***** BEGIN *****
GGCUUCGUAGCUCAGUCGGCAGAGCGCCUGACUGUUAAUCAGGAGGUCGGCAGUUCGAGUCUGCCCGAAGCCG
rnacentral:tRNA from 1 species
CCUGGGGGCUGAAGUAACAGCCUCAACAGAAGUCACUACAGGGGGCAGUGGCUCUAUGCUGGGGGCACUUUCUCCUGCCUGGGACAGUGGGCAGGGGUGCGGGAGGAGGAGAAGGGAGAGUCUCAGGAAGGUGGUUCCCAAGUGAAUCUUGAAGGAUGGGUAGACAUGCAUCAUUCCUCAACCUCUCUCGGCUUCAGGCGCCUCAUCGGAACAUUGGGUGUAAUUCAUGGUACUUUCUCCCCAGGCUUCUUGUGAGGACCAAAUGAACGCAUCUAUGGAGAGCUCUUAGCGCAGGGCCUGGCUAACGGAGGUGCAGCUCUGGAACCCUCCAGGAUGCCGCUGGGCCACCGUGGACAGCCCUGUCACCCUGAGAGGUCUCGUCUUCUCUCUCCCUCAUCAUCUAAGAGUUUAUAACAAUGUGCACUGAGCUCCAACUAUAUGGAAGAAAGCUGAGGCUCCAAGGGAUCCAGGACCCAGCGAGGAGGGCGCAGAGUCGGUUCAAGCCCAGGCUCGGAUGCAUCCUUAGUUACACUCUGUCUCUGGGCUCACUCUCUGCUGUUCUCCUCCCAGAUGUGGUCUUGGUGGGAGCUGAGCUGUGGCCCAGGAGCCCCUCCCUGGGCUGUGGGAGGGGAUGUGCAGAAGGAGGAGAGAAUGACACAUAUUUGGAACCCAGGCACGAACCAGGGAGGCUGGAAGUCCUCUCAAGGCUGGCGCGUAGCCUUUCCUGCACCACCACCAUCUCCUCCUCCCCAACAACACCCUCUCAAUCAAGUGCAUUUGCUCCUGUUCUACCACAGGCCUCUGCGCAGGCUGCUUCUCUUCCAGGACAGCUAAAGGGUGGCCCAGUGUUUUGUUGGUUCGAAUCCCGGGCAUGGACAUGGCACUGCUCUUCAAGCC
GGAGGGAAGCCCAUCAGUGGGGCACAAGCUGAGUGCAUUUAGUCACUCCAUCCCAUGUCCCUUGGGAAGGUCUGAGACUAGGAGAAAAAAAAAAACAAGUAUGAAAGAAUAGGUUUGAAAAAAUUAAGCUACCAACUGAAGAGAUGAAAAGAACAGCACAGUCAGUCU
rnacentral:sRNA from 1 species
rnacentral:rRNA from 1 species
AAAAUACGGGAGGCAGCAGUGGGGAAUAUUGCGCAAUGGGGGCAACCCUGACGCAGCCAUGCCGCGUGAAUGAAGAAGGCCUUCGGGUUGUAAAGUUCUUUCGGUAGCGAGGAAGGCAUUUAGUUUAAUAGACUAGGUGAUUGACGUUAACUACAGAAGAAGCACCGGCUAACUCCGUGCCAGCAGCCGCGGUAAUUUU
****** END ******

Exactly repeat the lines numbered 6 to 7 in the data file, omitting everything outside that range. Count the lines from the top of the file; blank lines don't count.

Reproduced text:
rnacentral:rRNA from 1 species
AAAAUACGGGAGGCAGCAGUGGGGAAUAUUGCGCAAUGGGGGCAACCCUGACGCAGCCAUGCCGCGUGAAUGAAGAAGGCCUUCGGGUUGUAAAGUUCUUUCGGUAGCGAGGAAGGCAUUUAGUUUAAUAGACUAGGUGAUUGACGUUAACUACAGAAGAAGCACCGGCUAACUCCGUGCCAGCAGCCGCGGUAAUUUU